A Little Neck man who owns a Jackson Heights bingo hall has been accused of using licensed charitable organizations as a front to steal hundreds of thousands of dollars for more than three years, the Queens district attorney said last week.
Spiros Moshopoulos, 62, of 52-21 Brownvale Lane in Little Neck, was charged with grand larceny, criminal possession of stolen property, money laundering, promoting gambling, possession of gambling records, tampering with a witness, conspiracy and scheme to defraud, Queens DA Richard Brown said.
Two other Queens residents were netted in the bust: Tommy Skiada, 49, of 23-18 35th St. in Astoria, and Daniella Radulescu, of 25-27 23rd St. in Astoria, the DA said.
“The defendants are accused of duping the Greek Orthodox Archdiocese of America into allowing them to run a bingo hall whose profits were supposed to go to charitable causes,” Brown said. “Instead of doing God’s work, however, the defendants are alleged to have lined their own pockets with hundreds of thousands of dollars belonging to the charities.”
The three defendants were charged in a 714-count indictment with operating a bingo hall and using charities as a front to steal some $830,000 between January 2007 and February 2010 at Moshopoulos’ Spimos Enterprises Inc., which is at 82-18 Northern Blvd. in Jackson Heights, Brown said.
“This indictment sends a loud and clear message that unscrupulous activity in the name of registered charitable and religious organizations has serious consequences, including prison time,” said John Sabini, chairman of the state Racing and Wagering Board. “Bingo raises money for worthy causes. Stealing charitable game funds under the cloak of charity and religion are particularly objectionable crimes.”
If convicted, the defendants face up to 15 years in prison, the DA said.
Moshopoulos acted as president of Spimos Enterprises while Radelescu was a church officer and Skiada was a Spimos security officer, the DA said.
The defendants are alleged to have operated the bingo hall in the name of various inactive charities under the umbrella of the Romanian Orthodox Church of Sts. Constantine and Helen, which is at 25-27 23rd St. in Astoria. The church is under the direct canonical supervision of the Greek Orthodox Archdiocese of America.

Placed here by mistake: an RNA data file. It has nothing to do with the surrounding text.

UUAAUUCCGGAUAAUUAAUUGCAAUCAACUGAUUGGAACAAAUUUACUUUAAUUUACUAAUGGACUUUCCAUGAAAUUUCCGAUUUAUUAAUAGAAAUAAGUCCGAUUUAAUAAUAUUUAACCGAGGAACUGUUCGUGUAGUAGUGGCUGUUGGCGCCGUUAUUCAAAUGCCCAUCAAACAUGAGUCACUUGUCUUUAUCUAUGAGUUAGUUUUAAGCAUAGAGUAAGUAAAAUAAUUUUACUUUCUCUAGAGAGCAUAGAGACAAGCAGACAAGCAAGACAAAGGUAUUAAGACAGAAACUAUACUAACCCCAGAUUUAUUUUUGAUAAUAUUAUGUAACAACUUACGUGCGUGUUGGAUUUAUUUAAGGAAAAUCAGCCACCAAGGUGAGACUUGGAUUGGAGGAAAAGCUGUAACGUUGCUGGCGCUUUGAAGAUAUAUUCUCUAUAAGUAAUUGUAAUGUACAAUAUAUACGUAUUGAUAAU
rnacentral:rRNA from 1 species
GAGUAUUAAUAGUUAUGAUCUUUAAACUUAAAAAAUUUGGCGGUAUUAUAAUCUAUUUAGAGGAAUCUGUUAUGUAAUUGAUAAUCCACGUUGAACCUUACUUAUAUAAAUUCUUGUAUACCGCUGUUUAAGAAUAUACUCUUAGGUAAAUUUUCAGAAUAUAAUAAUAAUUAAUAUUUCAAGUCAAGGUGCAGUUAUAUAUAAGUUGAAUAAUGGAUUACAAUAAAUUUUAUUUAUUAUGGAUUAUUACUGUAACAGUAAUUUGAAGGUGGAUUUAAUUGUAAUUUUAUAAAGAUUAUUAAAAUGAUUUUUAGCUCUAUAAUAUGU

The trio is accused of obtaining licenses illegally and using the charities as a front to siphon money from the gaming for their own profit, Brown said. Bingo games were allegedly conducted daily at the location by people posing as members of various charities.
In addition to the archdiocese, the defendants are also accused of cheating the city Consumer Affairs Department out of approximately $20,000 in fees.
Reach reporter Nathan Duke by e-mail at email@example.com or by phone at 718-260-4566.
©2010 Community News Group
By submitting this comment, you agree to the following terms:
You agree that you, and not TimesLedger.com or its affiliates, are fully responsible for the content that you post. You agree not to post any abusive, obscene, vulgar, slanderous, hateful, threatening or sexually-oriented material or any material that may violate applicable law; doing so may lead to the removal of your post and to your being permanently banned from posting to the site. You grant to TimesLedger.com the royalty-free, irrevocable, perpetual and fully sublicensable license to use, reproduce, modify, adapt, publish, translate, create derivative works from, distribute, perform and display such content in whole or in part world-wide and to incorporate it in other works in any form, media or technology now known or later developed.